Sony's new camera sensor can shoot stunning slow motion videos, four times faster than before32
Well, Sony is here to change that. The company has been supplying camera modules for a variety of smartphone manufacturer for years and it's widely regarded as one of the best camera makers in the industry, so it's only natural for it to try and one-up itself and the competition. Said “one-up” comes in the form of a new CMOS sensor that packs its own dedicated DRAM.
Up until now, the conventional CMOS sensors consisted of two layers – one being the image sensor itself, and the other being a circuit section for processing the signals that the image sensor produces. Now Sony added a third component, creating the industry's first 3-layer stacked CMOS sensor, packing its own DRAM. The added memory allows Sony's new sensor to process a still image of 19.3 MP in only 1/120 of a second. That's approximately four times faster than Sony's previous model with the same pixel count. The higher speed of reading each pixel line should result in less distortion when taking photos of fast moving objects.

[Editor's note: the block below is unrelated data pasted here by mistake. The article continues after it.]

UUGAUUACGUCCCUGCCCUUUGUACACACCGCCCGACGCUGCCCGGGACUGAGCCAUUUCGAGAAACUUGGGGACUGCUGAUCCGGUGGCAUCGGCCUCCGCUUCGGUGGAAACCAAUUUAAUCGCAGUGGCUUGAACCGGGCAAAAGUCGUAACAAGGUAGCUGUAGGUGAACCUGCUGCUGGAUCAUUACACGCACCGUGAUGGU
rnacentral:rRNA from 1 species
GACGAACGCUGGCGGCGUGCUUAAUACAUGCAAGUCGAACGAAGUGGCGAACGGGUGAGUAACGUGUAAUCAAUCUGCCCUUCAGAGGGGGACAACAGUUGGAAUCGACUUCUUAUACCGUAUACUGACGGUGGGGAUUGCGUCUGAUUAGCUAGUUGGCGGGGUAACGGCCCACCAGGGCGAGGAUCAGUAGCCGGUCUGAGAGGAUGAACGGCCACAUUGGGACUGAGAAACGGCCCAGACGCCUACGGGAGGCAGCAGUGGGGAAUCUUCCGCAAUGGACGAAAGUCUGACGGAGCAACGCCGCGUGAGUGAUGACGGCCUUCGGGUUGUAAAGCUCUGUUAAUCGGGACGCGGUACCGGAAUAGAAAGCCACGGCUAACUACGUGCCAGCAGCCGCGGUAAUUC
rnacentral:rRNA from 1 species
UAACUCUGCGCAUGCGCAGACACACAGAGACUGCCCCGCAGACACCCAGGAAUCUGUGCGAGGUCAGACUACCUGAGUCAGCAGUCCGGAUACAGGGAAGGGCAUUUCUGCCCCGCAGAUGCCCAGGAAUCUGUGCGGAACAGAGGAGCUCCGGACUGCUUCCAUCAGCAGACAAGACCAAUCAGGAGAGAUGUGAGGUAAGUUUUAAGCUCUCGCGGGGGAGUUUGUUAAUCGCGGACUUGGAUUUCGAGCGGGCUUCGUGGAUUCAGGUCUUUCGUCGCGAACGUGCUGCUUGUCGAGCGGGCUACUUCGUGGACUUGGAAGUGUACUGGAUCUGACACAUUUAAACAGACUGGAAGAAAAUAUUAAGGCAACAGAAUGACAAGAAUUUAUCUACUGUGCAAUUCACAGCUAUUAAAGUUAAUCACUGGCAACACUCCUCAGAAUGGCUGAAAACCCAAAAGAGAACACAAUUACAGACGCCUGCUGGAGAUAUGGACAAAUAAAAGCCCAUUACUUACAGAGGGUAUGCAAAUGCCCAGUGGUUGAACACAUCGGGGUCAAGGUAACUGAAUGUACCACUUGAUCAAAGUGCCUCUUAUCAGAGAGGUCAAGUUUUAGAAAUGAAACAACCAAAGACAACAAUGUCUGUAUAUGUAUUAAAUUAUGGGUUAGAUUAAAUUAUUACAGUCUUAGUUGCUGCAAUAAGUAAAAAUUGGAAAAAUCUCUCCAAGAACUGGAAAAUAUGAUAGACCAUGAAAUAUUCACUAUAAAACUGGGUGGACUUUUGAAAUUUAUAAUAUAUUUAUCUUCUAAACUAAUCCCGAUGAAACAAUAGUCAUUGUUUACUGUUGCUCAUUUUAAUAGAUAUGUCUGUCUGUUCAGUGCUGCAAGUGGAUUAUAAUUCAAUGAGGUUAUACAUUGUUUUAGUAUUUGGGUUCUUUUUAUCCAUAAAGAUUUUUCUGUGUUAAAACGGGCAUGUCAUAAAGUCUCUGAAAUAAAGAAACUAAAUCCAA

The faster sensor produces visibly less distortion when shooting fast-moving objects.
Additionally, Sony's new sensor will be able to shoot slow motion videos with a speed of up to 1,000 frames per second, provided the software controlling it can handle such speeds. Right now, the flagship smartphones reach speeds that are more than four times slower than that, with the maximum being 240 frames per second. And Sony's new camera module can actually shoot the mind-boggling slow-mo in 1920x1080 pixels, making for a full HD slow motion goodness.
The slow motion capture can be set to start automatically when a fast-moving object is detected, and since it's stored in the sensor's own DRAM, it shouldn't affect camera performance at all. This means that you should get the same smooth experience with both the slow motion video, and regular one.
We, for one, can't wait for the new camera module to hit some commercial smartphones. We'd love to see it in action ourselves.